Kazushi Suganuma from Nagoya is helping young people through his own experience as a “hikikomori,” a term referring to some young people’s withdrawal from society.

Suganuma, 35, and his brother, Isao, 33, have established a support association that operates a coffee shop to help young people adapt to social life through work experience.

Suganuma’s parents worked as public servants, and he grew up in a supporting environment. But he retreated from society after he failed the entrance examination for a high school he wanted to attend at age 15.

“I felt as if my presence had been rejected,” Suganuma recalled.

During his period as a recluse, he woke up around noon, watched television and played TV games to kill time. He rarely talked to his parents.

He usually went to bed after 2 a.m.

He said he despised himself so much he was afraid of looking out the window or answering the phone. “I wanted to erase my life,” he said.

After about three years, he began to seek ways of returning to society and asked a medical doctor for advice, saying, “I want to do something but I’m afraid to.”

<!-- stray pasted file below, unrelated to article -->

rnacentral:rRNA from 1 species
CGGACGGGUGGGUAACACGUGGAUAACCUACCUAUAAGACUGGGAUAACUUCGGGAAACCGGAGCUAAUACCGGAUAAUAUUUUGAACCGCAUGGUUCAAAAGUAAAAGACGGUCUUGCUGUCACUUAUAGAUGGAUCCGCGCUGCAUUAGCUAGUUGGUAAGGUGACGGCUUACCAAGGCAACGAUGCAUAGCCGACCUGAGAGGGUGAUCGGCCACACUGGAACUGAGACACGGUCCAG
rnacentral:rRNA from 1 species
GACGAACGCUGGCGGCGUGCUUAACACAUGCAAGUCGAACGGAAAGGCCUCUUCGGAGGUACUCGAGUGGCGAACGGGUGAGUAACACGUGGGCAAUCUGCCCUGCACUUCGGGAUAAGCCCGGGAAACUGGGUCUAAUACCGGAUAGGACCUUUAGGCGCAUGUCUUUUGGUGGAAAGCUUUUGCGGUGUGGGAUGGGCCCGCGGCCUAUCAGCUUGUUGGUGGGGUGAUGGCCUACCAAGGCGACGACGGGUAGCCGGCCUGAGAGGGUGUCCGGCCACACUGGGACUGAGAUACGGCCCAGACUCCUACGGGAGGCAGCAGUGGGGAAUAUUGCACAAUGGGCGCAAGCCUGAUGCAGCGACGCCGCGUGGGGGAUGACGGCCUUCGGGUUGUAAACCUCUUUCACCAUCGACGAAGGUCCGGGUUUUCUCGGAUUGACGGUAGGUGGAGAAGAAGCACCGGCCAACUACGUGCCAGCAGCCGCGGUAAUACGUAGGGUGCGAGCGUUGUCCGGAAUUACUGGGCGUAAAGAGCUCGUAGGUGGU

Based on the doctor’s recommendation, he joined a group called Free Space, which brings together young people with similar experiences.

When Suganuma was 21, his brother took him on a three-week trip to the Shimanto River, known as the nation’s “last clear stream,” in Kochi Prefecture.

Through various social encounters during that trip, Suganuma became more self-confident and began working as a live-in temporary worker at a construction site.

After work, other workers took him to drinking spots, showing him that he did not need to be self-conscious when meeting new people but merely enjoy the occasion.

After helping out the activities of Free Space, at age 29 Suganuma was employed by a company preparing meals for nursing homes for the elderly.

He currently works in a ramen shop while supporting young people in need of help along with his brother and other co-founders of the Nagoya-based association.

The contact list on Suganuma’s mobile phone has some 400 numbers of young people struggling to reintegrate into society or who are not in education, employment or training — known as NEETs— as well as of their family members.

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